e.g., physiological reason for different Km values for hexokinase vs.
glucokinase (discussed later in course)
compare activity of same enzyme with different substrates (understand
specificity)
measure amount or concentration of one enzyme in a mixture by its
activity
measure enzyme purity (specific activity = amount of activity/amount of
protein)
study/distinguish different types of inhibitors
info about enzyme active sites and reaction mechanism
development of specific drugs (enzyme inhibitors)

LEC 11, Enzymes - Kinetics

BIOC 460, Spring 2008

Simple Enzyme-Catalyzed Reaction:


Measurement of velocity:
V = rate of appearance of product = change in [P] per unit time
units of velocity (V)? _______________

Plot of [P] vs. time


Experimentally,
forward velocity
VF = slope of plot of
[P] vs. time because
VF = kF[S] = [P]/t

Berg et al., Fig. 8.11


(slightly modified)

Determining initial velocity, Vo

Why we measure initial velocity, Vo, the slope of [P] vs. [time] at
very early time after mixing enzyme with substrate
Problem:
As S is converted to P, concentration of S decreases, so forward
velocity gets slower and slower.
Furthermore, as [P] increases, rate of reverse reaction (P --> S)
becomes significant, and eventually, when VF = VR, reaction is at
equilibrium: d[P]/dt = 0.

Solution:
Measure V at very early
times in reaction, before
[S] decreases signficantly
(so [P] = ~0).
Velocity measured
immediately after mixing
E + S, at beginning of
reaction (initial velocity),
is called Vo.

LEC 11, Enzymes - Kinetics

BIOC 460, Spring 2008

Vo vs. [S] plots


Simple uncatalyzed S P reaction
shows linear dependence of Vo on [S]:
Whats the slope of plot of VF vs. [S]?
Enzyme-catalyzed reactions
show a hyperbolic dependence
of Vo on [S]:
1. Rate is saturable: there's a
maximum rate (velocity = Vmax)
for any single concentration of
enzyme.
2. Rate (velocity) is proportional
to [Etotal]: at any single
concentration of [S], Vo = c[E]
(double [E] double Vo).
3. Half-maximal velocity occurs at a
specific substrate concentration,
independent of [E].
Km = substrate concentration
that gives Vo = 1/2 Vmax.

Dependence of Vo on [S] in enzyme-catalyzed reaction:

Plot of Vo vs. [S]) for an enzyme that follows Michaelis-Menten kinetics


plots as a rectangular hyperbola
approaches Vmax (= maximum velocity) at high [S]
3 parts of [S] concentration range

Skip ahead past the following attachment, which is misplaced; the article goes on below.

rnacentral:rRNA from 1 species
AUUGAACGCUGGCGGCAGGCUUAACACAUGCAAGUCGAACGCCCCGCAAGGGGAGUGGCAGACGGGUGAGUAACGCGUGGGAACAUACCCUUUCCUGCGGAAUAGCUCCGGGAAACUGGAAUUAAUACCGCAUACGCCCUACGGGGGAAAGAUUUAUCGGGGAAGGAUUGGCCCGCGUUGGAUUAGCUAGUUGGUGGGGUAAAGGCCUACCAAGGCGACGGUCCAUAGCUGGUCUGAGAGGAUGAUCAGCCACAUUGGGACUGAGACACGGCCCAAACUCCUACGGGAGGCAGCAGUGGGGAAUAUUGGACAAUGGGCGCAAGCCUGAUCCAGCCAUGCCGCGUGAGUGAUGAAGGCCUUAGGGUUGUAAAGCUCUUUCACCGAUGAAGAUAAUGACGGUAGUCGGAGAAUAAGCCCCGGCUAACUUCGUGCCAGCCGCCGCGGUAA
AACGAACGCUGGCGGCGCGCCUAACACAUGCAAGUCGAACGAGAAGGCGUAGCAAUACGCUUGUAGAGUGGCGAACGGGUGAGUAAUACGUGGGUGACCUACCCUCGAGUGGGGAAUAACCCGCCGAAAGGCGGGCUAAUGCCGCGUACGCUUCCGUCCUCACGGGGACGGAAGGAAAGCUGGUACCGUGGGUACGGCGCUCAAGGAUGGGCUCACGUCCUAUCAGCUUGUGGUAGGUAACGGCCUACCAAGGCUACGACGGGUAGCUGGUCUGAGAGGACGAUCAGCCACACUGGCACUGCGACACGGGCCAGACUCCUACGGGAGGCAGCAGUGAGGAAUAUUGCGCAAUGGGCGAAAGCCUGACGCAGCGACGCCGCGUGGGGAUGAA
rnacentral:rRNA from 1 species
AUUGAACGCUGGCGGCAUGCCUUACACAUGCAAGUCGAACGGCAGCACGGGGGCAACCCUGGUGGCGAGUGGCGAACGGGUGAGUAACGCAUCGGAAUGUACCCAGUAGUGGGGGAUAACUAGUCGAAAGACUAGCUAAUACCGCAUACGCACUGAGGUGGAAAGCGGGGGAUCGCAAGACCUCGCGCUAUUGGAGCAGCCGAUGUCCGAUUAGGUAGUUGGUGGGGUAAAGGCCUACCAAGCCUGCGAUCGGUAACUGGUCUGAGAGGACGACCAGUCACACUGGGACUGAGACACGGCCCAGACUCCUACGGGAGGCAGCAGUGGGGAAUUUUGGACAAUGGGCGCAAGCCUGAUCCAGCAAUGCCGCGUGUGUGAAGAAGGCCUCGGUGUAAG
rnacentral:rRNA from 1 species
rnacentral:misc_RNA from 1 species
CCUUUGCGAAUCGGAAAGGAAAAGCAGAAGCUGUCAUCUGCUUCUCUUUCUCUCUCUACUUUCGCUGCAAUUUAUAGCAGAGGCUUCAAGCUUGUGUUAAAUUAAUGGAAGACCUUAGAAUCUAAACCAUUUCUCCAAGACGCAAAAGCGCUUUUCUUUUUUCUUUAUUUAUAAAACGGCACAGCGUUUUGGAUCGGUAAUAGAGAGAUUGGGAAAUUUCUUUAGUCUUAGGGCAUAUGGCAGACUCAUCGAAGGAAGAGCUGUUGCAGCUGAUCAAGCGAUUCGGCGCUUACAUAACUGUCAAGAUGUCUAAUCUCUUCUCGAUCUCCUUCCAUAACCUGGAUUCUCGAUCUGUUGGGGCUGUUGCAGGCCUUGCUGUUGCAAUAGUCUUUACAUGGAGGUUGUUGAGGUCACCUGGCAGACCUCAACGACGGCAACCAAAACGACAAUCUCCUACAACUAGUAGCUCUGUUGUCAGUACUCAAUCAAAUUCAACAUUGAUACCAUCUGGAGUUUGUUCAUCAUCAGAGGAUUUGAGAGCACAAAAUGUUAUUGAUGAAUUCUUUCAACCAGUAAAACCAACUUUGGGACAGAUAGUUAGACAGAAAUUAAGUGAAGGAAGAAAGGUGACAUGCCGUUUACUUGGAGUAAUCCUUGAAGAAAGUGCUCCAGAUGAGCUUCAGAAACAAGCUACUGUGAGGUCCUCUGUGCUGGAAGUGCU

1. At very low [S]:
Vo is proportional to [S];
doubling [S] double Vo.
2. In mid-range of [S], Vo is
increasing less as [S]
increases (where Vo is
around 1/2 Vmax).
Km = [S] that gives
Vo = 1/2 Vmax.
3. At very high [S], Vo is
independent of [S]:
Vo = Vmax.

Berg et al., Fig. 8.12

LEC 11, Enzymes - Kinetics

BIOC 460, Spring 2008

Michaelis-Menten model to explain hyperbolic


dependence of Vo on [S] in enzyme catalyzed reactions
Before the chemistry occurs, enzyme binds substrate to
make a noncovalent ES complex.

Turnover number (def.): number of substrate molecules


converted into product by one molecule of enzyme active
site per unit time, when enzyme is fully saturated with
substrate. = k2 in M-M scheme above = kcat (general term)
kcat = turnover number (general term used, independent of
specific kinetic mechanism)
NOTE:
kcat (the turnover number) = k2 in the specific
Michaelis-Menten kinetic mechanism above.

The Michaelis-Menten Equation describes a rectangular hyperbola.

The Michaelis-Menten Equation

where Vmax = k2[ET] (so Vmax is indeed proportional to [ET])


Km: an "aggregate" constant (sum of rate constants for breakdown of ES
divided by rate constant for formation of ES):

Michaelis-Menten equation explains hyperbolic Vo vs. [S] curve:


1. At very low [S] ([S] << Km), Vo approaches (Vmax/Km)[S].
Vmax and Km are constants, so linear relationship between Vo and [S]
at low [S].
2. When [S] = Km, Vo = 1/2 Vmax
3. At very high [S], ([S] >> Km), Vo approaches Vmax (velocity
independent of [S])

LEC 11, Enzymes - Kinetics

BIOC 460, Spring 2008

Meaning of Km
By definition,
Km = substrate concentration at which velocity (V) is exactly 1/2 of Vmax
(operational definition that holds for ANY kinetic mechanism).
Km is a SUBSTRATE CONCENTRATION.

What is the equilibrium dissociation constant for ES complex (KES)?

Compare:

Km = KES (dissoc. constant for ES complex) only if k2 << k1.

Kinetic parameters used to characterize enzyme activity


Kinetic parameters useful for many comparisons, e.g., effects of enzyme
inhibitors on Km and Vmax = basis of diagnosis of type of inhibition.
effects immediately apparent on a double reciprocal plot (see
Enzyme Inhibition notes)
1. Km
(units: concentration units, e.g., M or mM or M)
IF k2 << k1 (not always true), then
Km = k-1/k1 = KES and
Km can be taken as a measure of the dissociation constant for the ES
complex (an INVERSE measure of the binding affinity of enzyme for that
substrate).
2.

kcat (directly related to Vmax) (units: inverse time, e.g., s1)


calculate kcat from Vmax and concentration of enzyme active sites [ET]:
Vmax = k2[ET] = kcat[ET] so

3.